NTSB Identification: ERA11FA151
14 CFR Part 91: General Aviation
Accident occurred Saturday, February 19, 2011 in Ware Shoals, SC
Probable Cause Approval Date: 09/05/2013
Aircraft: CESSNA 150E, registration: N3022J
Injuries: 1 Fatal.

NTSB investigators either traveled in support of this investigation or conducted a significant amount of investigative work without any travel, and used data obtained from various sources to prepare this aircraft accident report.

The non-certificated pilot departed from a field near his private residence for a local flight. According to eyewitnesses, the airplane was observed flying overhead about 10 to 15 feet above a tree, which was about 70 feet in height. One eyewitness reported that the airplane was low enough that he could see the occupant’s profile. Several eyewitnesses stated that when the airplane was in the vicinity of the tree, the engine "revved up," then the left wing dropped. The airplane impacted the ground and nosed over. Examination of the airframe, flight controls, and engine revealed no preaccident malfunctions or anomalies that would have precluded normal operation. Examination of the stall warning switch noted cobwebs inside the mechanism that inhibited the normal operation of the switch. It is likely that the non-certificated pilot was operating the airplane slightly above the stall speed, but no audible warning horn was sounded due to the cobwebs; the pilot then likely let the airspeed drop further, and the airplane stalled and entered a spin; however, due to the close proximity to the ground the pilot was unable to recover. Toxicological testing of the non-certificated pilot’s blood revealed significantly elevated levels of ethanol (alcohol), indicating preaccident ingestion that would have impaired his performance. The testing also indicated the presence of diphenhydramine, a sedating antihistamine, which can result in cognitive and psychomotor impairment. Thus, it is very likely that the combination of alcohol and diphenhydramine impaired the pilot’s cognitive and psychomotor functioning at the time of the accident.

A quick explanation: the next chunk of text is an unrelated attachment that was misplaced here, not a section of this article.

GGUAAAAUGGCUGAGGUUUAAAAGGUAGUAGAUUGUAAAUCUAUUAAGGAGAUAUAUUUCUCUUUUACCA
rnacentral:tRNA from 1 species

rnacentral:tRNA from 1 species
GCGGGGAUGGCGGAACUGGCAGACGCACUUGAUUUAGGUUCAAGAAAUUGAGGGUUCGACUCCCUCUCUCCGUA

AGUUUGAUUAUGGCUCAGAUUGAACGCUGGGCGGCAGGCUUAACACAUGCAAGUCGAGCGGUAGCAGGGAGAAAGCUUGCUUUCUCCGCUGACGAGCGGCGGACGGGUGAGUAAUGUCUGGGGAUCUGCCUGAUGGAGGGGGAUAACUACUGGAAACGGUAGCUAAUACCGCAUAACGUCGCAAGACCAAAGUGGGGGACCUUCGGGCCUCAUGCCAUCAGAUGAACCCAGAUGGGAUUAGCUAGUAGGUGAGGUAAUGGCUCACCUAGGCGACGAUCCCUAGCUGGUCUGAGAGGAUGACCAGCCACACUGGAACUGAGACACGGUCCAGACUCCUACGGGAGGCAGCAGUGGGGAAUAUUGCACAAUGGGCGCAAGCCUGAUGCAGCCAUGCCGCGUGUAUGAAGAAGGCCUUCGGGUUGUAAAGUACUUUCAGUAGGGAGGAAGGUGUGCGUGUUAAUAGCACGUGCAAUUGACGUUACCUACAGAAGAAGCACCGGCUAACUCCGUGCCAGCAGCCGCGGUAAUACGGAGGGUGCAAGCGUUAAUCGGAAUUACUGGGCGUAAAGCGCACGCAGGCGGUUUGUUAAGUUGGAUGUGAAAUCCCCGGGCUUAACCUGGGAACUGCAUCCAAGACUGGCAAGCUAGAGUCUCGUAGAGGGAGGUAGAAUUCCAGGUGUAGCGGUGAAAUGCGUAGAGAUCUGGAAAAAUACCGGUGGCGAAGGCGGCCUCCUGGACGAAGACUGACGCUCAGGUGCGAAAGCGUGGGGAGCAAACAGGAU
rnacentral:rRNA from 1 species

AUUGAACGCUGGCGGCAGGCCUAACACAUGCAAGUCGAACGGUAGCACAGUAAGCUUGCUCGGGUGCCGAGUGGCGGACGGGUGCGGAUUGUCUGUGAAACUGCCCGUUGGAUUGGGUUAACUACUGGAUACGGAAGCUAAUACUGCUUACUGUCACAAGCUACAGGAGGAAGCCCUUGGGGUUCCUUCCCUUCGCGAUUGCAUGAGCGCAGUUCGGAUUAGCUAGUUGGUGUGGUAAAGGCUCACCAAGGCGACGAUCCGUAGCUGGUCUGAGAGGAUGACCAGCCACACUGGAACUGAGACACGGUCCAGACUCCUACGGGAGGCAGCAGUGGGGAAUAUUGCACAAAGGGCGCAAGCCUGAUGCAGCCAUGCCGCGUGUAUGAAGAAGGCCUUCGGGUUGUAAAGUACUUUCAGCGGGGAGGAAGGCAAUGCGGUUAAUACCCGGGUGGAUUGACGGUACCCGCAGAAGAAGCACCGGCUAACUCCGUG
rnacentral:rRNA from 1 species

The National Transportation Safety Board determines the probable cause(s) of this accident to be:

The non-certificated pilot's impairment due to alcohol and a sedating antihistamine, which resulted in his failure to maintain airspeed and the subsequent aerodynamic stall and ground impact.

Full narrative available

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